Hooper Labs

Multiple Vulnerabilities in DiveBook WordPress Plugin (v.1.1.4)

Hack the Planet

2020-09-15

Background

The DiveBook plugin for WordPress was prone to a multiple vulnerabilities including SQL injection, cross-site scripting, and improper authorization (CVE-2020-14205, CVE-2020-14206, CVE-2020-14207). An attacker could leverage these issues to dump the database including administrative user credentials, to steal cookie-based authentication credentials, or launch other attacks. Other versions are likely affected, though they were not tested.

Download Link: DiveBook

Vulnerable version: v.1.1.4.

This WordPress plugin is a solutions for dive enthusiasts to collaboratively log and track their dives.
From the WordPress website: The DiveBook plugin consists of three main functionality areas:

  1. The main part of the plugin can be injected in pages or posts (statistics about logged dives, input form to easily log new dives and edit existing dives, and list and information about all logged dives)
  2. Settings page for the WordPress Administrator where general settings for the plugin can be stored (not used in Beta version).
  3. Sidebar widget that will show key information about the most recent logged dives. You can specify how many dives to be shown in the widget.

Vulnerability - Improper Authorization Check (CVE-2020-14205)

An authorization issue is present in the DiveBook "Add New Dive" feature. An anonymous user may create a new dive entry with a crafted HTTP POST.

Steps:

  1. Identify a WordPress application with the DiveBook (v.1.1.4) plugin installed (hxxps://example.wordpress.com).
  2. Locate a page with the DiveBook content included. Note: within the WordPress page editor interface, "[divebook]divebook_display();[/divebook]" will be included.
  3. Submit a crafted POST request containing the required parameters (see HTTP request below).
  4. Observe that a new dive has been logged within the database, which is visible on the page.

The screenshot above contains the necessary parameters to create a new dive entry without supplying any cookies.

Vulnerability - Unauthenticated Reflected XSS (CVE-2020-14206)

A reflected cross-site scripting vulnerability exists within the DiveBook log's filter functionality. Arbitrary URL parameters are reflected into the application's response, rendered by the browser as HTML or JavaScript. An attacker may abuse this functionality by sending a victim a crafted link containing JavaScript, which will execute within the context of the victim's browser. The "scrolled" parameter is also vulnerable.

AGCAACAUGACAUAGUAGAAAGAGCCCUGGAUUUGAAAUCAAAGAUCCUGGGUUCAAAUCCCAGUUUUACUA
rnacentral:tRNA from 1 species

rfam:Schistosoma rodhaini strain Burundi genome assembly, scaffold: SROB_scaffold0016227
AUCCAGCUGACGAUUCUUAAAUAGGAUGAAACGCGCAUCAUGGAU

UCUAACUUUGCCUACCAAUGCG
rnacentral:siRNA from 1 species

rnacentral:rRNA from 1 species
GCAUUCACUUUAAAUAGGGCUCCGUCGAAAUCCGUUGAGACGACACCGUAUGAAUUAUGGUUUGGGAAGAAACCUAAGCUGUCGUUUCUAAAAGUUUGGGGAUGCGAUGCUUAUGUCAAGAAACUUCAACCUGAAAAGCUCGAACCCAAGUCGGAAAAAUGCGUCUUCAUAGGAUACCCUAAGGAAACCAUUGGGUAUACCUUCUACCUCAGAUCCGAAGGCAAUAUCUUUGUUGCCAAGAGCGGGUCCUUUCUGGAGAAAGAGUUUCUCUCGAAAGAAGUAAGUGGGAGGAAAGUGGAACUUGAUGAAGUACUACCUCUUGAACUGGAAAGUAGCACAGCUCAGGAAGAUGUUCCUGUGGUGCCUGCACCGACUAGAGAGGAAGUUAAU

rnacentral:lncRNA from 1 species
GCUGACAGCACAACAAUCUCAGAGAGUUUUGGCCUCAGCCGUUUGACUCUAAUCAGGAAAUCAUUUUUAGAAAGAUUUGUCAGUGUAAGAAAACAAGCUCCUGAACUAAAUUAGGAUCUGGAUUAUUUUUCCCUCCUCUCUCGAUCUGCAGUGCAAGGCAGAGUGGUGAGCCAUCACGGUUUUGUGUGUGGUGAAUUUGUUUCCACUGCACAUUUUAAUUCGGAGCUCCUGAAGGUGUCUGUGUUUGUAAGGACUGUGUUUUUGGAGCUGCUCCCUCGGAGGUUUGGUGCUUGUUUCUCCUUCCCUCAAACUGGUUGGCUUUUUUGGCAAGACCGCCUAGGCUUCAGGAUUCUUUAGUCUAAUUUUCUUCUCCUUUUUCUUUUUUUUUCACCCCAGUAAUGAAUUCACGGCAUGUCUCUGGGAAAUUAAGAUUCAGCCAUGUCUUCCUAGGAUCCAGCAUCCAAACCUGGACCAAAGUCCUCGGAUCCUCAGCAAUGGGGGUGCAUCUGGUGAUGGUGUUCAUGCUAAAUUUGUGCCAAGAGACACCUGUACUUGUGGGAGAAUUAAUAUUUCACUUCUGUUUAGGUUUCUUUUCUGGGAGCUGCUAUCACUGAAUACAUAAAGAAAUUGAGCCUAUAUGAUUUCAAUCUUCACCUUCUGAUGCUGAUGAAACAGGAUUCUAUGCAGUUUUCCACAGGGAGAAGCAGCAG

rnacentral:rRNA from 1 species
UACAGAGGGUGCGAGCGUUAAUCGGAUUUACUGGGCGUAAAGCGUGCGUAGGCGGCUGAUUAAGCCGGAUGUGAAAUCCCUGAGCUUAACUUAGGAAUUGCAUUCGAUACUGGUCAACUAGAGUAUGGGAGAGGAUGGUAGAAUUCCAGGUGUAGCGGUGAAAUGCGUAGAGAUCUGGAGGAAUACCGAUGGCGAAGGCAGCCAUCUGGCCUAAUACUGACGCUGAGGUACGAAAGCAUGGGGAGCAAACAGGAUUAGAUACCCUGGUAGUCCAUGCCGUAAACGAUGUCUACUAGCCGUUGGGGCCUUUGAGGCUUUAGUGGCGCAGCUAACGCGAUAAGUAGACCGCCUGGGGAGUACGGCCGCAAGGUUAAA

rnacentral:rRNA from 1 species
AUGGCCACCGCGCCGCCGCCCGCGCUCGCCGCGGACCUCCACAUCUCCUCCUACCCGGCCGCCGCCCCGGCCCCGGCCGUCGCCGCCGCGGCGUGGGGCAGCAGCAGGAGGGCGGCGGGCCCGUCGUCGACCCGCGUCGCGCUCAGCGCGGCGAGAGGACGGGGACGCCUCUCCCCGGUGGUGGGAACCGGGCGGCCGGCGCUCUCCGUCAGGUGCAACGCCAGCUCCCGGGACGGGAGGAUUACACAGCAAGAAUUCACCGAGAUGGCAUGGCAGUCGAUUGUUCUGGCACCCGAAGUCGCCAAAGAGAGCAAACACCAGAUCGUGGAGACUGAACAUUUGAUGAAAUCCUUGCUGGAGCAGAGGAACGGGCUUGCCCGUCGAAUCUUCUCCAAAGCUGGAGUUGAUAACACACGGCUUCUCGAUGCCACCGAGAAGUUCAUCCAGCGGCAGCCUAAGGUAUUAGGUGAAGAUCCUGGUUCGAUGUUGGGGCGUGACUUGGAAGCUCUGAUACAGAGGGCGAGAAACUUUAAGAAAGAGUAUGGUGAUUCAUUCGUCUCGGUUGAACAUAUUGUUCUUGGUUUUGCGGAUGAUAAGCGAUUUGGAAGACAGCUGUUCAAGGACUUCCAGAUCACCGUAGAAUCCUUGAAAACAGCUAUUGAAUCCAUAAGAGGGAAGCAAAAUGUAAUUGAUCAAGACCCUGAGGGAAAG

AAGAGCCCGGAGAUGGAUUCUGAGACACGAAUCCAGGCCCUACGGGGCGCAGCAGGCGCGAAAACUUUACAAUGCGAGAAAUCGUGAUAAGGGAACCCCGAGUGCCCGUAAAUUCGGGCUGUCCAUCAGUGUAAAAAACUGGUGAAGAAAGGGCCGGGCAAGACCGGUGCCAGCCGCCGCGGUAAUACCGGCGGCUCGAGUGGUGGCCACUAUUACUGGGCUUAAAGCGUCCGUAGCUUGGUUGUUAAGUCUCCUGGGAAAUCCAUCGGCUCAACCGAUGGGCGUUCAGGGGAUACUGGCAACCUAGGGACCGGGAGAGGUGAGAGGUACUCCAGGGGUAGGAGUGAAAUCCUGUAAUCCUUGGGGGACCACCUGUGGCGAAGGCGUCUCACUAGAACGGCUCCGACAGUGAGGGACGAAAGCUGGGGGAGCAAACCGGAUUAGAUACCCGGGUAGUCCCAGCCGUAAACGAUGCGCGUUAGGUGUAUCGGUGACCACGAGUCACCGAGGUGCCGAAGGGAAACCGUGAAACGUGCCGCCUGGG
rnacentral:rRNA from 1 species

Steps:

  1. Identify a WordPress application with the DiveBook (v.1.1.4) plugin installed (hxxps://example.wordpress.com).
  2. Locate a page with the DiveBook content included. Note: within the WordPress page editor interface, "[divebook]divebook_display();[/divebook]" will be included.
  3. Browse to a URL triggering the "filter" functionality and include an arbitrary parameter containing HTML. Example: hxxps://example.wordpress.com/index.php/2020/06/15/hello-world/?filter_diver=0&filter_divesite=site&divelog_page=1&scrolled=798&foobar"<>script>alert`XSS+in+arbitrary+URL+parameter`</script>"<
  4. Observe that JavaScript executes within the web page (an alert box appears).

The screenshot above demonstrates the attack (request, response, and result). Observe that a JavaScript "alert" box appears with arbitrary content. This payload may be modified to execute arbitrary JavaScript in the victim's browser.

Vulnerability - SQL Injection (CVE-2020-14207)

A SQL injection vulnerability exists within the DiveBook log's filter functionality. Though the plugin escapes some user input (quotes), complete compromise of the application database is possible by injecting the "filter_diver" GET parameter. Because the WordPress administrative credentials are stored within the database, this may result in complete or partial application compromise.

Steps:

  1. Identify a WordPress application with the DiveBook (v.1.1.4) plugin installed (hxxps://example.wordpress.com).
  2. Locate a page with the DiveBook content included. Note: within the WordPress page editor interface, "[divebook]divebook_display();[/divebook]" will be included.
  3. Browse to a URL triggering the "filter" functionality and injecting into the back-end SQL statement: hxxps://example.wordpress.com/?divelog_page=1&scrolled=456&filter_diver=0%20UNION%20SELECT%201,2,version(),4,5,6,7,8,9,10,11,12,13;%20--
  4. Observe that the MySQL version is returned within the page.

The screenshot above demonstrates the attack and MySQL version returned in the page. A few more crafted queries would result in the password hashes and usernames of all WordPress users for the instance.

Testing Conditions:

Vulnerability Disclosure Policy

Hooper Labs takes security issues seriously. We believe in working with relevant stakeholders to achieve coordinated disclosure within a reasonable period of time. We also adhere to the industry-standard 90-day disclosure deadline, where vendors are notified of vulnerabilities immediately, with details shared to the public after 90 days (or sooner if the issues are resolved earlier).

Common Vulnerabilities and Exposures (CVEs) are an industry standard for identifying vulnerabilities (link). This system is a method for reference and tracking of publicly-known exposures. A CVE is a way to uniquely reference vulnerabilities across systems and Mitre Corporation is the primary CVE Numbering Authority (CNA) for the program. We believe that users have a right to know their exposures in order to make informed risk decisions.

Hooper Labs does not participate in bug bounty programs, but instead relies on responsible disclosure (link). Effectively communicating vulnerabilities and risks to the vendor, users, and public ensure that risk can be documented, calculated, and mitigated. We hope that through this process that the Information Domain may be marginally safer.